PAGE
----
E-tolls scrapped – the gantries are coming down

Government has officially scrapped e-tolls, according to a proclamation in the Government Gazette published on Thursday.

The gazette, signed by transport minister Sindisiwe Chikunga, scraps e-toll gantries on Gauteng highways – and the much-maligned system will be switched off on 11 April.

In a statement issued by Sanral, the national roads agency said the gantries used to toll road users “will officially be disconnected from the e-tolls network from 11.59pm on 11 April 2024”.

Under a multi-stakeholder deal, it has been agreed that:

  • The Gauteng provincial government will pay 30% (R12.9-billion) of Sanral’s debt to national government;
  • Gauteng will contribute to backlog maintenance to the tune of R4.1-billion;
  • National treasury will cover 100% of Sanral’s debt; and
  • The Gauteng Freeway Improvement Project will be withdrawn as a toll road.

“The signatories reiterate that the user-pays principle remains a government policy and commit to
continually engaging and working together to explore adequate and stable funding solutions for
road construction, maintenance and upgrade to support economic development,” Sanral said.

In his state of the province address on 19 February, Gauteng premier Panyaza Lesufi promised that switching off the e-toll gantries would begin by no later than 31 March, a commitment many greeted with scepticism.

Read: Politicians spin wheels amid e-tolls shambles

According to civil action group Organisation Undoing Tax Abuse CEO Wayne Duvenage, interviewed on television news channel Newzroom Afrika, the move to scrap e-tolls is final.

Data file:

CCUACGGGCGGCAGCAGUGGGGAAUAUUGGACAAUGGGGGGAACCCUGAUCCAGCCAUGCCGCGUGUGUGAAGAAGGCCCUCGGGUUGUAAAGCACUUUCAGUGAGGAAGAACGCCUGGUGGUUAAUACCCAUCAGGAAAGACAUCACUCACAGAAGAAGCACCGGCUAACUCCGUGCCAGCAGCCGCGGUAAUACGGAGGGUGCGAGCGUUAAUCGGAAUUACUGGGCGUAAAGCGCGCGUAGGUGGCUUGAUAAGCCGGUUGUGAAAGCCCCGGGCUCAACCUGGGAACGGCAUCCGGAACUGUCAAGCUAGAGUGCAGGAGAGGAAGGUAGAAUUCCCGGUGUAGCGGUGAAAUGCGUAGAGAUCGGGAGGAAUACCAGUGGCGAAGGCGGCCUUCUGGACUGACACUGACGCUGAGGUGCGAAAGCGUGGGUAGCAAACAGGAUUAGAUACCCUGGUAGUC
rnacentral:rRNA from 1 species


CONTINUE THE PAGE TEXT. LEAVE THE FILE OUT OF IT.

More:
“This is it,” he said. “It’s something to be celebrated.”

He praised “the power of the public to overcome bad laws”. Government was its own worst enemy, as “the constitution requires consultation with the public but the consultation it had was meaningless. Also, the scheme has corruption built into it and was cumbersome administratively.

“No one was opposing technology, but this was an expensive scheme with no buy-in from the public, and one that pushed huge revenue offshore.” (The-tolls collection agency is owned by Austrian company Kapsch TrafficCom.)

“If government had worked with civil society, we’d be down the road of a workable scheme, but they’ve ruined it for electronic schemes in the future,” Duvenage said. Outa, which was previously known as the Opposition to Urban Tolling Alliance, was originally founded to fight the e-tolls systems.

Read the Government Gazette notice scrapping e-tolls (PDF).  — © 2024 NewsCentral Media

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